Google’s entry into the drone space with its Project Wing initiative is good news for the broader drone industry, according to an expert in the technology.
Missy Cummings, associate professor in the Department of Mechanical Engineering and Materials Science at Duke University, notes that Google is up against Amazon, another corporate heavyweight with ambitious drone plans.
“I think the most important part of Google's announcement was that it is basically going to give Amazon a run for their money and this kind of competition is great for the industry,” she said, in an email to FoxNews.com. Google’s drone strategy will also be critical in pushing the Federal Aviation Administration to establish a viable commercial airspace structure for drones, added Cummings, who is also director of Duke’s Humans and Autonomy Laboratory.
An audit report recently warned that the FAA is “significantly behind schedule” in its attempt to meet Congress’ September 2015 deadline for integrating commercial drones into U.S. airspace. The report by the Department of Transportation’s Inspector General warns that the FAA will miss the deadline, citing unresolved technological, regulatory, and privacy issues.
A number of drone manufacturers have also voiced their concern to FoxNews.com about the FAA’s progress around commercial drones.
Part of Google’s Project X initiative to develop new technologies, Project Wing uses “self-flying vehicles” to deliver goods, according to the Mountain View, Calif.-based tech giant. The company’s Project Wing team has recently been testing the technology in Australia, using the drone in delivery flights to farmers. Deliveries to the two farmers in the Australian state of Queensland included candy bars, dog treats, cattle vaccines, water, and radios.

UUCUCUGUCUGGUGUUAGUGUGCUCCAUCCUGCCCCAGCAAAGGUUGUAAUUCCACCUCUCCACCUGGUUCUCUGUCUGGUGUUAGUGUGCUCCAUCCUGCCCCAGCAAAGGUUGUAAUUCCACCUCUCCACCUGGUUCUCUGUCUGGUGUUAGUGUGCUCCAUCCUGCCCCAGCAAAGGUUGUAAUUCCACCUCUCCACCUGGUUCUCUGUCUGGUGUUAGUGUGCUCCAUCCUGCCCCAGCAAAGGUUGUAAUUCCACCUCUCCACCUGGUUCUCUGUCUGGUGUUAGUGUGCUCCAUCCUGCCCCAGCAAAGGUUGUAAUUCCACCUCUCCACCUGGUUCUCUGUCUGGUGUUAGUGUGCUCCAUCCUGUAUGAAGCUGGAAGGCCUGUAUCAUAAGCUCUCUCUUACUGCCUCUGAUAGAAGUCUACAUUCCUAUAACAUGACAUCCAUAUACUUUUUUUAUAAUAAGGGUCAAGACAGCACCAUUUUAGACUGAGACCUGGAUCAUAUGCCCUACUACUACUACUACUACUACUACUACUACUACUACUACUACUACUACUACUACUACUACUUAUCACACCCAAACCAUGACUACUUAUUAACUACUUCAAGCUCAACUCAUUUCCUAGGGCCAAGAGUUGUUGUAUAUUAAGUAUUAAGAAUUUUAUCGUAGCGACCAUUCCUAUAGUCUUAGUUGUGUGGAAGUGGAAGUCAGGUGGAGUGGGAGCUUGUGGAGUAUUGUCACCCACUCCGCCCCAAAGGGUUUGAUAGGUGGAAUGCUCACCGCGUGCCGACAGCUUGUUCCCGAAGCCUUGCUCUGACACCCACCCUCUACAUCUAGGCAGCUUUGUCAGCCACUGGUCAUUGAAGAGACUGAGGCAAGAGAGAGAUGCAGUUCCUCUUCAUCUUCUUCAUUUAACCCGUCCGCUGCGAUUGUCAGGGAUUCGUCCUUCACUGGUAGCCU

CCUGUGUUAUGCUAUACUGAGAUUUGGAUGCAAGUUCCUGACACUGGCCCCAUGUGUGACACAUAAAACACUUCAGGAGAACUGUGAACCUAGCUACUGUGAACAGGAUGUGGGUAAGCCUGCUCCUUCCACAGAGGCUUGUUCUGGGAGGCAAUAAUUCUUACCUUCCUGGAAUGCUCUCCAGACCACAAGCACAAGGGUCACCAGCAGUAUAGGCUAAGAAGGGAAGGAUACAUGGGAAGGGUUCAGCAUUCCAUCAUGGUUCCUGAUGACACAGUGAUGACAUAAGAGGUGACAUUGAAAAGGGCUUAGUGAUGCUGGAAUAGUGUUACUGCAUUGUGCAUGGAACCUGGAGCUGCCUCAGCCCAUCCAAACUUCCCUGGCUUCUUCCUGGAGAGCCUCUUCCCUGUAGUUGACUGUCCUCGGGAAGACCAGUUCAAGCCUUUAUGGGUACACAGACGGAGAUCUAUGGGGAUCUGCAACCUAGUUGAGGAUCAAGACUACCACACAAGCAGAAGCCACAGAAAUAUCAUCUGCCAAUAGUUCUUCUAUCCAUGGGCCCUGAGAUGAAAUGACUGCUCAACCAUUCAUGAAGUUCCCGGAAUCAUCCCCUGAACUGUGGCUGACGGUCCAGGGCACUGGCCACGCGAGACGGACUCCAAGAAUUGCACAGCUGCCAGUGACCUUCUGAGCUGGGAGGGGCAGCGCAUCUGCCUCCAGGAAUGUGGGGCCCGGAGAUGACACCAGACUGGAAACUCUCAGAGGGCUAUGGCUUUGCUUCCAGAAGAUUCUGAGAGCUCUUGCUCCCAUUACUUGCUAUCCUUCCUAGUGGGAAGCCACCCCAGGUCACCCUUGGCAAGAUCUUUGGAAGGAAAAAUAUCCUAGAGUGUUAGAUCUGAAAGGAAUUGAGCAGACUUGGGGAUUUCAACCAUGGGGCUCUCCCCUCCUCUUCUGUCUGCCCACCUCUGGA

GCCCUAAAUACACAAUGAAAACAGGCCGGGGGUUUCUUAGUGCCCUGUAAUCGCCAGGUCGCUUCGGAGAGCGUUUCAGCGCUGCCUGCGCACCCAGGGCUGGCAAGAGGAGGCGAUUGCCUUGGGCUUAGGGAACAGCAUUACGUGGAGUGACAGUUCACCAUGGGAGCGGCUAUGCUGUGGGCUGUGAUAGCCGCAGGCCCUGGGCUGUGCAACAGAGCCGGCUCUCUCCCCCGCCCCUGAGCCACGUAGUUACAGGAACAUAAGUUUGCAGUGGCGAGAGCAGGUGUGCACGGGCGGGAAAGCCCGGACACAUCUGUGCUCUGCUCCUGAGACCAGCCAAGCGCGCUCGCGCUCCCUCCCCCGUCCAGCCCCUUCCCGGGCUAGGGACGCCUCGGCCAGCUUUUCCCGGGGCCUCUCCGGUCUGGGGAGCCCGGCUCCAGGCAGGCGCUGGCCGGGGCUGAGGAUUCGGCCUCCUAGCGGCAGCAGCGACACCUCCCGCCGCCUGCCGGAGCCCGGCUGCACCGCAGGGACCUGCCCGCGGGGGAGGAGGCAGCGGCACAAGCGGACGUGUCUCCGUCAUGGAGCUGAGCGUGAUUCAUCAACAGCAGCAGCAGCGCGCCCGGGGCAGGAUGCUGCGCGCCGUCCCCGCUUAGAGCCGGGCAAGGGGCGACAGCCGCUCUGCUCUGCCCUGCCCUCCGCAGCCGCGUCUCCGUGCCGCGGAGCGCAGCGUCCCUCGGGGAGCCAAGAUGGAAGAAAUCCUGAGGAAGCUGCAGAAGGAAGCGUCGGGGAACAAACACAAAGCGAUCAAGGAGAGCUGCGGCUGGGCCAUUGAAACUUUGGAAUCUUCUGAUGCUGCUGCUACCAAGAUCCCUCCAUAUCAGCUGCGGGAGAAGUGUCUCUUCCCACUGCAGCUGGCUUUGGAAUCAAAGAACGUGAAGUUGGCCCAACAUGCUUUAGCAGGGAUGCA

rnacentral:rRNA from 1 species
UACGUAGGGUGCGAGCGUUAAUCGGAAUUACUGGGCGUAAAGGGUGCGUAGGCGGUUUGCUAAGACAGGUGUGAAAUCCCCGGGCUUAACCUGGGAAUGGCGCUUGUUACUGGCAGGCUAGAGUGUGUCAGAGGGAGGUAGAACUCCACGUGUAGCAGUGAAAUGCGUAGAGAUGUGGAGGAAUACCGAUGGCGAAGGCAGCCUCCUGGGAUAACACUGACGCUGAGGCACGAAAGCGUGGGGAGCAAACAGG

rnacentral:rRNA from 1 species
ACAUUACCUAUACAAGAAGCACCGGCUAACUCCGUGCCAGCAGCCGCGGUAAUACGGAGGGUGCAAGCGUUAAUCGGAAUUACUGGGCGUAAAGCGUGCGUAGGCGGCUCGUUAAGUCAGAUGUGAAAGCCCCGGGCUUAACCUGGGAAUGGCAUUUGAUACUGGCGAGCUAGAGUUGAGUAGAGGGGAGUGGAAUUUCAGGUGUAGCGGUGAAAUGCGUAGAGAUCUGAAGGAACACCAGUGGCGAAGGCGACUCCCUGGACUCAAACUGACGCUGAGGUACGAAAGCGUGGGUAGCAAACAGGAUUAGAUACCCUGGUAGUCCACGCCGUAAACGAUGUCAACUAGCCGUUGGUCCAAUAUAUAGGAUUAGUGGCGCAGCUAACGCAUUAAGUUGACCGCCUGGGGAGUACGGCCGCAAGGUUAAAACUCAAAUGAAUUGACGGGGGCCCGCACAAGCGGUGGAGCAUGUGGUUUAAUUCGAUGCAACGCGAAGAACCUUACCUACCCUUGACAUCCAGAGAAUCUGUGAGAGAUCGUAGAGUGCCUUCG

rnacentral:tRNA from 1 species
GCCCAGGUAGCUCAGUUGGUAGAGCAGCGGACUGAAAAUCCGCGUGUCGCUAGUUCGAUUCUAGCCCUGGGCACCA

Cummings, however, told FoxNews.com that Google is hardly blazing a drone trail. Silicon Valley-based Matternet already makes medical deliveries to remote locations around the world, she said, and also cited the ambitious drone plan announced last year by Amazon CEO Jeff Bezos.
“Amazon was the first big company to announce the drone delivery business model,” she said. “And honestly, the drone field is overcrowded with ‘innovative’ new drones, with new ones coming on line every day, so I have yet to see anything from Google in terms of the actual drone technology that stands above the rest.”
Resembling a miniature plane, the fixed-wing drone is powered by rotors and has a wingspan of 5-feet. The device hovers at a height between 131 and 196 feet when making deliveries. Google says that this keeps the drone well above common obstacles such as houses and trees.
The company says that Project Wing’s focus for the next year will be on precise navigation, noise reduction, and teaching the drones to avoid each other.
Google acknowledges that it will take years to develop a service with multiple drones making multiple deliveries a day. The planes will be designed to fly a pre-programmed route at the touch of a button, and, over time, the technology will develop into different sizes and shapes.
The company’s tests in Australia have attracted plenty of attention, although Cummings notes that the first firm to announce any drone-based delivery service was Australian firm Zookal. “It has long been known that Australia is more drone friendly and many companies, both big and small, defense and non-defense, have been using Australian airspace to do drone testing,” she said. “In fact, I warned the Senate Commerce Committee last January that the U.S. was already losing important ground in this area to other countries because of the FAA's archaic policies.”
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